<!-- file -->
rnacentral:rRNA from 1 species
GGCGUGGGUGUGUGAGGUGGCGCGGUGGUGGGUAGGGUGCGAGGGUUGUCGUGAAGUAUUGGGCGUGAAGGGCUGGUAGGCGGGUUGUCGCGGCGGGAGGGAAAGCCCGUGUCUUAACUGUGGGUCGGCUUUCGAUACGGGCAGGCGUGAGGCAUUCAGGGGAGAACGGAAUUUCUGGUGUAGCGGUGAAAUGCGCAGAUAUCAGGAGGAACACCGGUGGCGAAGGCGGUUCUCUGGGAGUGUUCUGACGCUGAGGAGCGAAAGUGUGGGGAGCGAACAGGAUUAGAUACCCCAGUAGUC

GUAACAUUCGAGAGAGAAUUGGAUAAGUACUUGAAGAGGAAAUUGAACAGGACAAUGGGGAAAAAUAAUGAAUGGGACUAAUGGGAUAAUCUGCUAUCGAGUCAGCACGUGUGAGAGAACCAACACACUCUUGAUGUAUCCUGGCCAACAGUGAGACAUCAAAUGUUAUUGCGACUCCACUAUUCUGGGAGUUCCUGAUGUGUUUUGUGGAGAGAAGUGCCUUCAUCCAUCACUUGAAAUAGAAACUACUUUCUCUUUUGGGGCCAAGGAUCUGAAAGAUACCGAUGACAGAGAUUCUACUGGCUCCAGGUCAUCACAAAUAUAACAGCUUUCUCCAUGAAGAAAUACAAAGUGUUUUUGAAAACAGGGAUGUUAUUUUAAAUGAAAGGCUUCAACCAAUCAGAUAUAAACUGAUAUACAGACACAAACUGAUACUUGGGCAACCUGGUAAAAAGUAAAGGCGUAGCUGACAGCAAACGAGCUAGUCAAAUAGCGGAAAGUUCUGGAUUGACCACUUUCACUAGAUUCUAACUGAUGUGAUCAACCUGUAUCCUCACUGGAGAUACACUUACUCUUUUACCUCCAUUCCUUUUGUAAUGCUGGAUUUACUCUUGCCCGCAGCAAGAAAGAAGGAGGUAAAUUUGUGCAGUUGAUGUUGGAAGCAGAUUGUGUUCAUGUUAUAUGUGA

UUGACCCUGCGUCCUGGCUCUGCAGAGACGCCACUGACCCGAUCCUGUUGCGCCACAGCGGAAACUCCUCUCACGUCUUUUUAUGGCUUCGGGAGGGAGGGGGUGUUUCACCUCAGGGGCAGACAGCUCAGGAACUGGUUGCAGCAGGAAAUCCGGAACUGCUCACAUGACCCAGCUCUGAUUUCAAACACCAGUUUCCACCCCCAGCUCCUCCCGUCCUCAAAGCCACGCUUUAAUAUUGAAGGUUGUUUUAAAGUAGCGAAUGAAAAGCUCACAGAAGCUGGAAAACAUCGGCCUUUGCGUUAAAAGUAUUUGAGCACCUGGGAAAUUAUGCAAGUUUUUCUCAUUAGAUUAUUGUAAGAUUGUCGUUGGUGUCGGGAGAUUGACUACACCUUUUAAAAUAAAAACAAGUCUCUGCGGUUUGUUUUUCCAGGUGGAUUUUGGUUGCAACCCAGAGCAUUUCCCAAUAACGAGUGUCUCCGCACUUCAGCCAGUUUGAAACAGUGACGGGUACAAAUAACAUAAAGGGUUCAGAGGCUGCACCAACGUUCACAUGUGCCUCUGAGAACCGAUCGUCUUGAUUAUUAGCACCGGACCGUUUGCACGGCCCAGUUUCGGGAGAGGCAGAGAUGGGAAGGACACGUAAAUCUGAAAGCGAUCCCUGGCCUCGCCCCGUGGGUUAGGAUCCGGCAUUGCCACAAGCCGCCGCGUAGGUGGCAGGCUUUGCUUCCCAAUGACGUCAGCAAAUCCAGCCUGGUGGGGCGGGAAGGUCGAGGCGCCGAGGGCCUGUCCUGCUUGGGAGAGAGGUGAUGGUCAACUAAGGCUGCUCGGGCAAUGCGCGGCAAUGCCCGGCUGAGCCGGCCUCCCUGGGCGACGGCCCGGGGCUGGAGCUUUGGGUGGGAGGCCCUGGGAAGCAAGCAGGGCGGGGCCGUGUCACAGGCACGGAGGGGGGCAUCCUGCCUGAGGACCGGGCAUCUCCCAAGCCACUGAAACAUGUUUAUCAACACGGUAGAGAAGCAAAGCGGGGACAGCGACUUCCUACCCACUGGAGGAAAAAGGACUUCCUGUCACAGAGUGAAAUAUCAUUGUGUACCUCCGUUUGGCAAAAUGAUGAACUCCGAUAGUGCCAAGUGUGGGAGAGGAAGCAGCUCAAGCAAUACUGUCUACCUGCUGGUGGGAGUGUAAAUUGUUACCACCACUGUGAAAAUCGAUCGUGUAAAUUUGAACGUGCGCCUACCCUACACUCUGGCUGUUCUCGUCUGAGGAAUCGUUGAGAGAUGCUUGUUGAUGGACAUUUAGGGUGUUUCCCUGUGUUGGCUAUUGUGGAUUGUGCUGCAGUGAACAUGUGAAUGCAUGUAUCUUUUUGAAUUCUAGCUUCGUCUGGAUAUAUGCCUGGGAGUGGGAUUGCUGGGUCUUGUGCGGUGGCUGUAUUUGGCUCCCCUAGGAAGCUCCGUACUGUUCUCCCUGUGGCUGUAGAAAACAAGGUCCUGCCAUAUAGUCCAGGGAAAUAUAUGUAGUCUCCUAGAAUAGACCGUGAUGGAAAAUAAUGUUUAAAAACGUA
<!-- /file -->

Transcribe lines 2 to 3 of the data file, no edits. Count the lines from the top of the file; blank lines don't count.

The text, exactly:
GGCGUGGGUGUGUGAGGUGGCGCGGUGGUGGGUAGGGUGCGAGGGUUGUCGUGAAGUAUUGGGCGUGAAGGGCUGGUAGGCGGGUUGUCGCGGCGGGAGGGAAAGCCCGUGUCUUAACUGUGGGUCGGCUUUCGAUACGGGCAGGCGUGAGGCAUUCAGGGGAGAACGGAAUUUCUGGUGUAGCGGUGAAAUGCGCAGAUAUCAGGAGGAACACCGGUGGCGAAGGCGGUUCUCUGGGAGUGUUCUGACGCUGAGGAGCGAAAGUGUGGGGAGCGAACAGGAUUAGAUACCCCAGUAGUC

GUAACAUUCGAGAGAGAAUUGGAUAAGUACUUGAAGAGGAAAUUGAACAGGACAAUGGGGAAAAAUAAUGAAUGGGACUAAUGGGAUAAUCUGCUAUCGAGUCAGCACGUGUGAGAGAACCAACACACUCUUGAUGUAUCCUGGCCAACAGUGAGACAUCAAAUGUUAUUGCGACUCCACUAUUCUGGGAGUUCCUGAUGUGUUUUGUGGAGAGAAGUGCCUUCAUCCAUCACUUGAAAUAGAAACUACUUUCUCUUUUGGGGCCAAGGAUCUGAAAGAUACCGAUGACAGAGAUUCUACUGGCUCCAGGUCAUCACAAAUAUAACAGCUUUCUCCAUGAAGAAAUACAAAGUGUUUUUGAAAACAGGGAUGUUAUUUUAAAUGAAAGGCUUCAACCAAUCAGAUAUAAACUGAUAUACAGACACAAACUGAUACUUGGGCAACCUGGUAAAAAGUAAAGGCGUAGCUGACAGCAAACGAGCUAGUCAAAUAGCGGAAAGUUCUGGAUUGACCACUUUCACUAGAUUCUAACUGAUGUGAUCAACCUGUAUCCUCACUGGAGAUACACUUACUCUUUUACCUCCAUUCCUUUUGUAAUGCUGGAUUUACUCUUGCCCGCAGCAAGAAAGAAGGAGGUAAAUUUGUGCAGUUGAUGUUGGAAGCAGAUUGUGUUCAUGUUAUAUGUGA